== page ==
Some people might actually benefit from the nanny state, but the questions of who decides what is in people’s interests and whether individuals can be coerced will forever separate libertarians from paternalists, says Tom Papworth.
The Forestry Commission has failed in its duties, and the government is right to sell off some of its holdings. This report argues that the government could sell off 92% of the Commission's holdings without affecting the broadleaf forests that the public values for their amenity and scenery. Doing this could raise up to £4.3bn, and end the woeful mismanagement of the country's woodland that the Forestry Commission has delivered.
In this think piece, Jan Iwanik gives a response to the public consultation on the commitments to restrict the use of “What-If” and access to market information on the UK insurance market. The government cannot artificially engineer competition by restricting information between firms.
Two pictures comparing the Shanghai skyline between 1990 and 2010 have been making the rounds online – we posted them on the blog the other day. In this piece, Dr Richard Ebeling discusses the economic history of Shanghai's skyline, which thrived during the pre-Second World War years and, thanks to the laissez-faire economic policies it enjoyed as a virtual city-state, grew to become Asia's answer to New York City.
The US has effectively dropped the term 'War on Drugs', a tacit admission of that policy's failure. Here, Henry Oliver argues that Britain should learn from the rest of the world and its own history. The government should rethink its policies on drugs and find new policies that work.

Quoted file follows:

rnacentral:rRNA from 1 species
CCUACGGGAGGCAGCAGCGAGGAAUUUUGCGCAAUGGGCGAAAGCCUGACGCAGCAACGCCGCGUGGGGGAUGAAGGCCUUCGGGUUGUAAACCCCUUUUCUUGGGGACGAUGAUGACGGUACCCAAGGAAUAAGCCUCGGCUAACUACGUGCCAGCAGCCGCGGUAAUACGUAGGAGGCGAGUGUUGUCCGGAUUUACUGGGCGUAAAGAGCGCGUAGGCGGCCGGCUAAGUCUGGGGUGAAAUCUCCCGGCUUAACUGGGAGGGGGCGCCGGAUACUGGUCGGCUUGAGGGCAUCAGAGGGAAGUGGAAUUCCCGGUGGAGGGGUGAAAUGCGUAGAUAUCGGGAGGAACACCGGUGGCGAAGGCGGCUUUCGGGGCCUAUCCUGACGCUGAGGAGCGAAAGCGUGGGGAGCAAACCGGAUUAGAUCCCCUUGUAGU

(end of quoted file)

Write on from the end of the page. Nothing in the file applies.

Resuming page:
The coalition government’s health proposals are a mixed bag, and much will depend on the final legislation and implementation process. But whatever happens, they will not create a real market in healthcare…
In this think piece Ruth Lea, Economic Advisor to the Arbuthnot Banking Group and Senior Fellow of the Adam Smith Institute, discusses what 2011 holds for the British and global economies. There is some room for optimism, she says, but overall the near future isn't bright.
Who is to blame for the Irish crisis? The question goes to the heart of Ireland's current situation and offers guidance to policymakers in Britain who wish to avoid a similar fate. David Howden argues that the blame lies both with the European Central Bank, which created perverse incentives for investment through low interest rates, and with the Irish investors who reacted to those incentives.
In this article, Dr Eamonn Butler warns that the UK needs to get a grip on its welfare spending if it wants to avoid fiscal crisis. His exploration of our debt problem and possible solutions follows the release of Miles Saltiel's report for the ASI "On Borrowed Time".